MEDIA RELEASE

For Immediate Release:
May 1, 2012

LHSC welcomes the warmer weather with some sun safety advice

          

(LONDON, Ontario) – May is national melanoma awareness month. It is also the time of year where the days start to get longer and the weather warmer. Dr. Scott Ernst, Head of Medical Oncology at London Health Sciences Centre's London Regional Cancer Program, reminds people that as we welcome the rising temperatures, sun protection and skin surveillance should be top-of-mind.

"Melanoma is one of the most rapidly rising cancers," says Dr. Ernst. "It's expected that there will be 5,500 new cases in Canada this year. While genetics plays a significant role in development of melanoma, intermittent and chronic sun exposure is an important risk factor for melanoma and other forms of skin cancer. There are a lot of simple, practical things that people can do to protect themselves and reduce their risk of developing melanoma."

Practical sun safety tips that should be applied year-round include:

  • Limit exposure to the sun, especially during the peak hours of 10 a.m. and 2 p.m.
  • Wear a hat and protective clothing
  • Use sunscreen with a minimum of SPF 30 on all exposed skin
  • Sunscreen should be reapplied every couple hours or following exposure to water or excessive sweating

Dr. Ernst notes that, "it's important to remember that all skin types are vulnerable to sun damage. You can have sun damage without the presence of a sunburn."

In addition to sun protection, skin surveillance is an important practice that people should adopt. People should regularly monitor their skin, including their backs, and check for any additions or changes in birthmarks, beauty marks, moles, etc. Even subtle changes in size, shape or colour can be a sign of a problem and should be brought to the attention of your doctor.

"Spring is an ideal time to remind people of the critical importance of sun protection and skin surveillance. It's the time of year when many people begin to spend more time outdoors. Although skin never forgets, it's never too late to begin to practice safe sun habits," says Dr. Ernst.

LHSC's London Regional Cancer Program will be hosting a free public education
session on the prevention and detection of melanoma in partnership with the Middlesex-London Health Unit on Wednesday, May 16. More information about that session will be available in the coming weeks.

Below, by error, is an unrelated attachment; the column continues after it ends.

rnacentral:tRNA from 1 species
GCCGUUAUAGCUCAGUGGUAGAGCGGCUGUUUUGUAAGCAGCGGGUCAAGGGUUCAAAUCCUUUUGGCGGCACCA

About London Health Sciences Centre
London Health Sciences Centre has been in the forefront of medicine in Canada for 137 years and offers the broadest range of specialized clinical services in Ontario. Building on the traditions of its founding hospitals to provide compassionate care in an academic teaching setting, London Health Sciences Centre is home to Children’s Hospital, South Street Hospital, University Hospital, Victoria Hospital, two family medical centres, and two research institutes – Children’s Health Research Institute and Lawson Health Research Institute, a joint research initiative with St. Joseph’s Health Care, London. As a leader in medical discovery and health research, London Health Sciences Centre has a history of over 50 international and national firsts and attracts top clinicians and researchers from around the world. As a regional referral centre, London Health Sciences Centre cares for the most medically complex patients including critically injured adults and children in Southwestern Ontario and beyond. The hospital’s nearly 15,000 staff, physicians, students and volunteers provide care for more than one million patient visits a year. For more information visit www.lhsc.on.ca


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For media inquiries contact:

Mandy Gelinas

Corporate Communications and Public Relations
London Health Sciences Centre
(519) 685-8500 ext. 75157
mandy.gelinas@lhsc.on.ca
                          

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Last Updated May 1, 2012 | © 2007, LHSC, London Ontario Canada